Trump Arrives in Las Vegas in Wake of Mass Shooting
- Author: Rogelio Becker Oct 07, 2017,
Oct 07, 2017, 0:11
"A grateful nation thanks you", Trump concluded, adding that the bravery on display Sunday night should inspire the country to "show more love for the people who grace our lives".
He has ordered for American flags at the White House and at public buildings nationwide to be flown at half mast.
The president also visited a local police station, where he met with law enforcement officers who had responded to the active shooter.
Paddock, 64, fired his weapons at a Las Vegas concert Sunday night, killing 59 people and wounding over 500 more.
In a CNN town hall meeting, House Minority Leader Nancy Pelosi spoke via satellite to the husband and daughter of a woman who died in Sunday's shooting in Las Vegas and made them a promise on gun control.
A Southern California man, who was shot in the Las Vegas massacre, stood up to greet President Donald Trump when he visited him in the hospital - despite a gunshot wound in his leg.
Earlier on Wednesday, Trump tweeted that he would be landing in Las Vegas "to pay my respects" with the first lady: "Everyone remains in our thoughts and prayers". The president says those details will be announced at "an appropriate time".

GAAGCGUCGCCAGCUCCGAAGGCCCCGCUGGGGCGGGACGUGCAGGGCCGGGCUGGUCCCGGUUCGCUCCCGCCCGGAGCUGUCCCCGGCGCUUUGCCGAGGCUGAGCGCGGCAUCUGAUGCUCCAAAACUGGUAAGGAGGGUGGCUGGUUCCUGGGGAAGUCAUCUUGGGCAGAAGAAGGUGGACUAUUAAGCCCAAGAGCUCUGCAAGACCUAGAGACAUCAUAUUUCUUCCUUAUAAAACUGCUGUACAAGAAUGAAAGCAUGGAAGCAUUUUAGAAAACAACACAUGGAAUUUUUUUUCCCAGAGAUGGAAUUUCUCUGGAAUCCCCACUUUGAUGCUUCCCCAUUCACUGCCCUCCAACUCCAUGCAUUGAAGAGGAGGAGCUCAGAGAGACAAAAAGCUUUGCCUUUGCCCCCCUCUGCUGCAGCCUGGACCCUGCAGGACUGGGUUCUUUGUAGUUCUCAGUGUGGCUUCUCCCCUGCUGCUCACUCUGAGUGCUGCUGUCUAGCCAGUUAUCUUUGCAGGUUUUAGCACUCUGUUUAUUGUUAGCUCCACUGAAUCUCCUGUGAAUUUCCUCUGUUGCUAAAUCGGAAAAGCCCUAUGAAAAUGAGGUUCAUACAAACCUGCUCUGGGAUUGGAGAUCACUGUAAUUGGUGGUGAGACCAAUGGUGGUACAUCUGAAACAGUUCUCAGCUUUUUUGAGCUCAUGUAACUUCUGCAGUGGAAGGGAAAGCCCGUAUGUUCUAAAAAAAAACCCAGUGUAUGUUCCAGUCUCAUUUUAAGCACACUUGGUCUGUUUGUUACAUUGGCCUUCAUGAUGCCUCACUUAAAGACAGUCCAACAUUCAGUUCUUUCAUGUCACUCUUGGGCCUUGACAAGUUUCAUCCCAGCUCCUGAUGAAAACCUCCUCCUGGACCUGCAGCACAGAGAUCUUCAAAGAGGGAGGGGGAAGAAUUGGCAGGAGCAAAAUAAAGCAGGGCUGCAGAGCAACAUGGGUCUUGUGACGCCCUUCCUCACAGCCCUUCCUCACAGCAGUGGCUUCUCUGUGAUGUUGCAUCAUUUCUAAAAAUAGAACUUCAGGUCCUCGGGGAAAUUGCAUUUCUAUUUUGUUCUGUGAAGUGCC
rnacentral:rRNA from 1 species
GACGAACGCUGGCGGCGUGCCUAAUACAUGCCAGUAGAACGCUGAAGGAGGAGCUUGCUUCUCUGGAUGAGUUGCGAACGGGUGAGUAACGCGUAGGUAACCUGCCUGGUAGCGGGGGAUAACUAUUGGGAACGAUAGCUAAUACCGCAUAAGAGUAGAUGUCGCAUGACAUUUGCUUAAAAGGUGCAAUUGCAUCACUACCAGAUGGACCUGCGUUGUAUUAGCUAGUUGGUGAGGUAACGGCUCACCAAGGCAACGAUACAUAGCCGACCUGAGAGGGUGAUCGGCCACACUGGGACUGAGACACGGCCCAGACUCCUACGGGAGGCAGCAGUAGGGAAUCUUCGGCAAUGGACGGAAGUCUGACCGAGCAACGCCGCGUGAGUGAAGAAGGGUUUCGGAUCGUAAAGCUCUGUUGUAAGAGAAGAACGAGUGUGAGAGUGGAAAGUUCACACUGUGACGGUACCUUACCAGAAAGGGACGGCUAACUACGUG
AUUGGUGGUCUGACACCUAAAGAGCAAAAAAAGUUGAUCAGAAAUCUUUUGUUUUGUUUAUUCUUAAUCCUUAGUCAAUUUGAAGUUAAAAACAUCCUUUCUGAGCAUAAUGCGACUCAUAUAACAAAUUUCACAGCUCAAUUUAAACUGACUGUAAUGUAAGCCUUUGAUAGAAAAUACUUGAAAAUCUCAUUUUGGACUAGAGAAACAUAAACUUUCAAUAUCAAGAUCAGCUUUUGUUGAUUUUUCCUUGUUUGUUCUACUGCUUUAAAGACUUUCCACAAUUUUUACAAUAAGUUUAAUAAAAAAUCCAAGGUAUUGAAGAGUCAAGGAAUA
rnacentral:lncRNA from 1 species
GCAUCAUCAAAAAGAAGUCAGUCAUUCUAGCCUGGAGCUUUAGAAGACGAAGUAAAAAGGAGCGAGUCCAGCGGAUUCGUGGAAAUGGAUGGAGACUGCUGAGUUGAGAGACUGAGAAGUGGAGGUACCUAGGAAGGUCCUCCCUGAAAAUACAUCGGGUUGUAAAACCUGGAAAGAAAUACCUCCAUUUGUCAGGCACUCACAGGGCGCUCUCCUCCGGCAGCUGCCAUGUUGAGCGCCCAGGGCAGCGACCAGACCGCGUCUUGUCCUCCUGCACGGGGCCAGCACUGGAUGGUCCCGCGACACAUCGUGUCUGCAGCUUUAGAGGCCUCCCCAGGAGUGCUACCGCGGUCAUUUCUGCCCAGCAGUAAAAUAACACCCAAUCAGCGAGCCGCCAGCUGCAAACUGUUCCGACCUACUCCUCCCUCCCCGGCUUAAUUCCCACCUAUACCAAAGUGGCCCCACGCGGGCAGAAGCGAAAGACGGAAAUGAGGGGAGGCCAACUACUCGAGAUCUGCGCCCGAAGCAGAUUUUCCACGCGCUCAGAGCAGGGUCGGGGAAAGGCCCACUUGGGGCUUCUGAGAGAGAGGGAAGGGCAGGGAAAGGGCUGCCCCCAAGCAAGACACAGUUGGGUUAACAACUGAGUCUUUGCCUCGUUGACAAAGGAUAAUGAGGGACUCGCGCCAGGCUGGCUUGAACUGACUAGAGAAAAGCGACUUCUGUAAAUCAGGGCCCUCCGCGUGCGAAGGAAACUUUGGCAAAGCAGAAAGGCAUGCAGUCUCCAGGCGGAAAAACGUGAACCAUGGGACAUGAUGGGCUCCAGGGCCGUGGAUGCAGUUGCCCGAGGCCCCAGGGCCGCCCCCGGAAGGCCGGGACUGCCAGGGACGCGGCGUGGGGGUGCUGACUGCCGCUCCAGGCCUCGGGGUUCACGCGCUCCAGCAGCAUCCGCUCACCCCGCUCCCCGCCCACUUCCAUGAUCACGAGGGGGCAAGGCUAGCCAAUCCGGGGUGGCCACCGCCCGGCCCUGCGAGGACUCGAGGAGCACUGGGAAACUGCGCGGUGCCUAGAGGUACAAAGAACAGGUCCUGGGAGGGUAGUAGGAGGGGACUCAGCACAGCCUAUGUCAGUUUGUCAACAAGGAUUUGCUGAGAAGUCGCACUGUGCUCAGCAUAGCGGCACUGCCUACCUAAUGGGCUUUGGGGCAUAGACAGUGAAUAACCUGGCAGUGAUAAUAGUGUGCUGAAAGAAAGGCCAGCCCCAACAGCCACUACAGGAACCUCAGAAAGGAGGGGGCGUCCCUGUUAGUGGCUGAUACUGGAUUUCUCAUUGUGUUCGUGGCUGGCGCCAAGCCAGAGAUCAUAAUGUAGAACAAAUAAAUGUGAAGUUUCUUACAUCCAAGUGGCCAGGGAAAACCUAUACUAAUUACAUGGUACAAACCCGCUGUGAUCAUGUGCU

Boarding a helicopter to the Nevada city, Mr Trump told reporters the shooting was a "very sad thing". "We won't talk about that", said Trump. He also tried to console the country, saying "our unity can not be shattered by evil, our bonds can not be broken by violence".
On Tuesday, Trump had described Paddock as sick and demented.
He said that when Stephen Paddock first started shooting at the crowd, he thought the gunfire was a speaker malfunction or firecrackers.
"This guy looks tough to me", the Presidents said, and asked him how he was doing.
President Donald Trump steps off Air Force One in Las Vegas. While essentially patting himself and his team on the back, Trump also managed to issue what many perceived to be a callous attack on Puerto Rico's troubled and debt-ridden economy at a moment when many islanders were simply struggling to survive.